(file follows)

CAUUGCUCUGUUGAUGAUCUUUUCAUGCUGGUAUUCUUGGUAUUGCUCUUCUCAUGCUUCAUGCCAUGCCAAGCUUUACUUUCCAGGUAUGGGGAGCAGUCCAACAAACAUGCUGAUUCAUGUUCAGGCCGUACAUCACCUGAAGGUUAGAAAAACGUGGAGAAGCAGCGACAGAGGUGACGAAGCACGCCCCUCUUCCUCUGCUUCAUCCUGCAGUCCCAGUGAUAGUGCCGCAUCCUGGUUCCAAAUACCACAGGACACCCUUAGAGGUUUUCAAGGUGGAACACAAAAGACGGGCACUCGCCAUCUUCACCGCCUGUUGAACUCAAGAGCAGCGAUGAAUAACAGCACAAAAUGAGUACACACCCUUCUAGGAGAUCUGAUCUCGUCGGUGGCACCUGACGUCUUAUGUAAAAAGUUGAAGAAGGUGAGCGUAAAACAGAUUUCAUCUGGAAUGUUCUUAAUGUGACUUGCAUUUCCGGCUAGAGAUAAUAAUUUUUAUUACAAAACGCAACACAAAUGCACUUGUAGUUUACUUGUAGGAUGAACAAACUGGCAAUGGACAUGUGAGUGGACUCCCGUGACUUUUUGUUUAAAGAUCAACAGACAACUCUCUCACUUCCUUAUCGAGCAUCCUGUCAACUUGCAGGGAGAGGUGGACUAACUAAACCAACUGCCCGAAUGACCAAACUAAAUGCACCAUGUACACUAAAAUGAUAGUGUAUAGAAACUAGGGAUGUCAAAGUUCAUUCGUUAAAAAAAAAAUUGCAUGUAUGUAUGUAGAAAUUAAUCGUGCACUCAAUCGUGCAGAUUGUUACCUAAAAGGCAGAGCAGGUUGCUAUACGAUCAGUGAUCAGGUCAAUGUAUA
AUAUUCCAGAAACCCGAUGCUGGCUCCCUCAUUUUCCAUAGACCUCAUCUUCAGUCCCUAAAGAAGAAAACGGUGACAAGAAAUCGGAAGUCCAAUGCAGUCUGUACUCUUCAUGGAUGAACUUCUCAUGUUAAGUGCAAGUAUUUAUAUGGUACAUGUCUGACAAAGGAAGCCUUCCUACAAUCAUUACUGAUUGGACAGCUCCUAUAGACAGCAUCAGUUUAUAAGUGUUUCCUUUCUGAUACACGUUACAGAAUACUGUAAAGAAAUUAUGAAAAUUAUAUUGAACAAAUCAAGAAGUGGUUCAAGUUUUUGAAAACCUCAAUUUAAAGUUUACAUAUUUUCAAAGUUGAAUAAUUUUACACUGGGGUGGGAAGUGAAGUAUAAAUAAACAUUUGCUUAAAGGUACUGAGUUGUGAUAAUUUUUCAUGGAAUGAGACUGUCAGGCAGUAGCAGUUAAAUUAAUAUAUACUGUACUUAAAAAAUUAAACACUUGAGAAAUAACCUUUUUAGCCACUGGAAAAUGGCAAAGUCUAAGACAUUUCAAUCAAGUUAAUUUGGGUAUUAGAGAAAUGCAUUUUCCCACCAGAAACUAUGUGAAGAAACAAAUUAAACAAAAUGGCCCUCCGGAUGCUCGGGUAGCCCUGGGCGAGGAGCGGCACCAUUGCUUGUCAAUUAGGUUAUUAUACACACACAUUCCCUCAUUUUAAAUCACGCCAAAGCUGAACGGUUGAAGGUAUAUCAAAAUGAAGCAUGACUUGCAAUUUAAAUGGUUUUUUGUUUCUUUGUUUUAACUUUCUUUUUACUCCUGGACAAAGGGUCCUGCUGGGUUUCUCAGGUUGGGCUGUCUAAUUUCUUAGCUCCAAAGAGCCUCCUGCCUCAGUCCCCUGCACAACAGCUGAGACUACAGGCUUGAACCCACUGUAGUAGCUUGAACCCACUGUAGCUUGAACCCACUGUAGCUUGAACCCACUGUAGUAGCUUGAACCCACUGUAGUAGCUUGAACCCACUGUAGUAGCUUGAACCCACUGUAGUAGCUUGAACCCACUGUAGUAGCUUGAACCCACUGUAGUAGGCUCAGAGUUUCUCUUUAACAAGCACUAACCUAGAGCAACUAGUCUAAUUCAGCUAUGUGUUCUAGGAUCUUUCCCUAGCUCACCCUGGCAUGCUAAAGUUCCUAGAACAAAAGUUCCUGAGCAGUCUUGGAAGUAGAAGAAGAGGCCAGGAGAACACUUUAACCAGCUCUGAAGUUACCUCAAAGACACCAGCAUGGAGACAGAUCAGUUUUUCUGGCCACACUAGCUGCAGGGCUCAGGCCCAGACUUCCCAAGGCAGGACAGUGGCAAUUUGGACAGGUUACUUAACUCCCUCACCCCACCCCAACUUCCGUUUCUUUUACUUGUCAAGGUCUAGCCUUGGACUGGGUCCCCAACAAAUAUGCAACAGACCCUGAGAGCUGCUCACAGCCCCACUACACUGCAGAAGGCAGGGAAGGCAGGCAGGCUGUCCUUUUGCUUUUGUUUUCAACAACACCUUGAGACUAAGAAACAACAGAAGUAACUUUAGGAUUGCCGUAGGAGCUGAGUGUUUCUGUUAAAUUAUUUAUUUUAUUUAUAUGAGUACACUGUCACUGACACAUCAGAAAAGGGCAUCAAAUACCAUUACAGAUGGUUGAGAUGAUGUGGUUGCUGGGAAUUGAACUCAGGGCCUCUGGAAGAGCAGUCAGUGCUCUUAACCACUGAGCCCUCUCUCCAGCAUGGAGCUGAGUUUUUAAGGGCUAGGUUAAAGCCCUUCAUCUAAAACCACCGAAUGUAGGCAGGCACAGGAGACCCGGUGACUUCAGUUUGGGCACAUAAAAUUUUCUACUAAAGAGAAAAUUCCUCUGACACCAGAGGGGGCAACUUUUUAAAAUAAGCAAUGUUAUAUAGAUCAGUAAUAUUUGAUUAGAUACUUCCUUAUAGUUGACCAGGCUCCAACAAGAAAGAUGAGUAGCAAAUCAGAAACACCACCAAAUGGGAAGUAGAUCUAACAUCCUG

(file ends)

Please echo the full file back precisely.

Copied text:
CAUUGCUCUGUUGAUGAUCUUUUCAUGCUGGUAUUCUUGGUAUUGCUCUUCUCAUGCUUCAUGCCAUGCCAAGCUUUACUUUCCAGGUAUGGGGAGCAGUCCAACAAACAUGCUGAUUCAUGUUCAGGCCGUACAUCACCUGAAGGUUAGAAAAACGUGGAGAAGCAGCGACAGAGGUGACGAAGCACGCCCCUCUUCCUCUGCUUCAUCCUGCAGUCCCAGUGAUAGUGCCGCAUCCUGGUUCCAAAUACCACAGGACACCCUUAGAGGUUUUCAAGGUGGAACACAAAAGACGGGCACUCGCCAUCUUCACCGCCUGUUGAACUCAAGAGCAGCGAUGAAUAACAGCACAAAAUGAGUACACACCCUUCUAGGAGAUCUGAUCUCGUCGGUGGCACCUGACGUCUUAUGUAAAAAGUUGAAGAAGGUGAGCGUAAAACAGAUUUCAUCUGGAAUGUUCUUAAUGUGACUUGCAUUUCCGGCUAGAGAUAAUAAUUUUUAUUACAAAACGCAACACAAAUGCACUUGUAGUUUACUUGUAGGAUGAACAAACUGGCAAUGGACAUGUGAGUGGACUCCCGUGACUUUUUGUUUAAAGAUCAACAGACAACUCUCUCACUUCCUUAUCGAGCAUCCUGUCAACUUGCAGGGAGAGGUGGACUAACUAAACCAACUGCCCGAAUGACCAAACUAAAUGCACCAUGUACACUAAAAUGAUAGUGUAUAGAAACUAGGGAUGUCAAAGUUCAUUCGUUAAAAAAAAAAUUGCAUGUAUGUAUGUAGAAAUUAAUCGUGCACUCAAUCGUGCAGAUUGUUACCUAAAAGGCAGAGCAGGUUGCUAUACGAUCAGUGAUCAGGUCAAUGUAUA
AUAUUCCAGAAACCCGAUGCUGGCUCCCUCAUUUUCCAUAGACCUCAUCUUCAGUCCCUAAAGAAGAAAACGGUGACAAGAAAUCGGAAGUCCAAUGCAGUCUGUACUCUUCAUGGAUGAACUUCUCAUGUUAAGUGCAAGUAUUUAUAUGGUACAUGUCUGACAAAGGAAGCCUUCCUACAAUCAUUACUGAUUGGACAGCUCCUAUAGACAGCAUCAGUUUAUAAGUGUUUCCUUUCUGAUACACGUUACAGAAUACUGUAAAGAAAUUAUGAAAAUUAUAUUGAACAAAUCAAGAAGUGGUUCAAGUUUUUGAAAACCUCAAUUUAAAGUUUACAUAUUUUCAAAGUUGAAUAAUUUUACACUGGGGUGGGAAGUGAAGUAUAAAUAAACAUUUGCUUAAAGGUACUGAGUUGUGAUAAUUUUUCAUGGAAUGAGACUGUCAGGCAGUAGCAGUUAAAUUAAUAUAUACUGUACUUAAAAAAUUAAACACUUGAGAAAUAACCUUUUUAGCCACUGGAAAAUGGCAAAGUCUAAGACAUUUCAAUCAAGUUAAUUUGGGUAUUAGAGAAAUGCAUUUUCCCACCAGAAACUAUGUGAAGAAACAAAUUAAACAAAAUGGCCCUCCGGAUGCUCGGGUAGCCCUGGGCGAGGAGCGGCACCAUUGCUUGUCAAUUAGGUUAUUAUACACACACAUUCCCUCAUUUUAAAUCACGCCAAAGCUGAACGGUUGAAGGUAUAUCAAAAUGAAGCAUGACUUGCAAUUUAAAUGGUUUUUUGUUUCUUUGUUUUAACUUUCUUUUUACUCCUGGACAAAGGGUCCUGCUGGGUUUCUCAGGUUGGGCUGUCUAAUUUCUUAGCUCCAAAGAGCCUCCUGCCUCAGUCCCCUGCACAACAGCUGAGACUACAGGCUUGAACCCACUGUAGUAGCUUGAACCCACUGUAGCUUGAACCCACUGUAGCUUGAACCCACUGUAGUAGCUUGAACCCACUGUAGUAGCUUGAACCCACUGUAGUAGCUUGAACCCACUGUAGUAGCUUGAACCCACUGUAGUAGCUUGAACCCACUGUAGUAGGCUCAGAGUUUCUCUUUAACAAGCACUAACCUAGAGCAACUAGUCUAAUUCAGCUAUGUGUUCUAGGAUCUUUCCCUAGCUCACCCUGGCAUGCUAAAGUUCCUAGAACAAAAGUUCCUGAGCAGUCUUGGAAGUAGAAGAAGAGGCCAGGAGAACACUUUAACCAGCUCUGAAGUUACCUCAAAGACACCAGCAUGGAGACAGAUCAGUUUUUCUGGCCACACUAGCUGCAGGGCUCAGGCCCAGACUUCCCAAGGCAGGACAGUGGCAAUUUGGACAGGUUACUUAACUCCCUCACCCCACCCCAACUUCCGUUUCUUUUACUUGUCAAGGUCUAGCCUUGGACUGGGUCCCCAACAAAUAUGCAACAGACCCUGAGAGCUGCUCACAGCCCCACUACACUGCAGAAGGCAGGGAAGGCAGGCAGGCUGUCCUUUUGCUUUUGUUUUCAACAACACCUUGAGACUAAGAAACAACAGAAGUAACUUUAGGAUUGCCGUAGGAGCUGAGUGUUUCUGUUAAAUUAUUUAUUUUAUUUAUAUGAGUACACUGUCACUGACACAUCAGAAAAGGGCAUCAAAUACCAUUACAGAUGGUUGAGAUGAUGUGGUUGCUGGGAAUUGAACUCAGGGCCUCUGGAAGAGCAGUCAGUGCUCUUAACCACUGAGCCCUCUCUCCAGCAUGGAGCUGAGUUUUUAAGGGCUAGGUUAAAGCCCUUCAUCUAAAACCACCGAAUGUAGGCAGGCACAGGAGACCCGGUGACUUCAGUUUGGGCACAUAAAAUUUUCUACUAAAGAGAAAAUUCCUCUGACACCAGAGGGGGCAACUUUUUAAAAUAAGCAAUGUUAUAUAGAUCAGUAAUAUUUGAUUAGAUACUUCCUUAUAGUUGACCAGGCUCCAACAAGAAAGAUGAGUAGCAAAUCAGAAACACCACCAAAUGGGAAGUAGAUCUAACAUCCUG